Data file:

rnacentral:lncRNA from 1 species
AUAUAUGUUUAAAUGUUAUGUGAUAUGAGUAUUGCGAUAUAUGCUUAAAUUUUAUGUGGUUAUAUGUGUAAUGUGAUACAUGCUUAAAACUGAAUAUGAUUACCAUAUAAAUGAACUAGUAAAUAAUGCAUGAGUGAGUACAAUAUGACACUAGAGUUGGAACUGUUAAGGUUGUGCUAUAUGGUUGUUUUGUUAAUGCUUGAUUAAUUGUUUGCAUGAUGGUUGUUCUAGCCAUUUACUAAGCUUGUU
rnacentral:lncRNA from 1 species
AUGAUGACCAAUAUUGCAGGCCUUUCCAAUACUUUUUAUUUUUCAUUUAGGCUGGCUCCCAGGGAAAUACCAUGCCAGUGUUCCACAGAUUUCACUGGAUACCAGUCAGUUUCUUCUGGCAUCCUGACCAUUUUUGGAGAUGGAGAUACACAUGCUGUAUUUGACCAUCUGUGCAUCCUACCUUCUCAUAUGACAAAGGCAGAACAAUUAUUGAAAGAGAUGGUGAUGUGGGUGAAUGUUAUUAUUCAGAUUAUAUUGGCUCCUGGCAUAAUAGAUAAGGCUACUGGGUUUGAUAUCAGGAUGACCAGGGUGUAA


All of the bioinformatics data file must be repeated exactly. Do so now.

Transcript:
rnacentral:lncRNA from 1 species
AUAUAUGUUUAAAUGUUAUGUGAUAUGAGUAUUGCGAUAUAUGCUUAAAUUUUAUGUGGUUAUAUGUGUAAUGUGAUACAUGCUUAAAACUGAAUAUGAUUACCAUAUAAAUGAACUAGUAAAUAAUGCAUGAGUGAGUACAAUAUGACACUAGAGUUGGAACUGUUAAGGUUGUGCUAUAUGGUUGUUUUGUUAAUGCUUGAUUAAUUGUUUGCAUGAUGGUUGUUCUAGCCAUUUACUAAGCUUGUU
rnacentral:lncRNA from 1 species
AUGAUGACCAAUAUUGCAGGCCUUUCCAAUACUUUUUAUUUUUCAUUUAGGCUGGCUCCCAGGGAAAUACCAUGCCAGUGUUCCACAGAUUUCACUGGAUACCAGUCAGUUUCUUCUGGCAUCCUGACCAUUUUUGGAGAUGGAGAUACACAUGCUGUAUUUGACCAUCUGUGCAUCCUACCUUCUCAUAUGACAAAGGCAGAACAAUUAUUGAAAGAGAUGGUGAUGUGGGUGAAUGUUAUUAUUCAGAUUAUAUUGGCUCCUGGCAUAAUAGAUAAGGCUACUGGGUUUGAUAUCAGGAUGACCAGGGUGUAA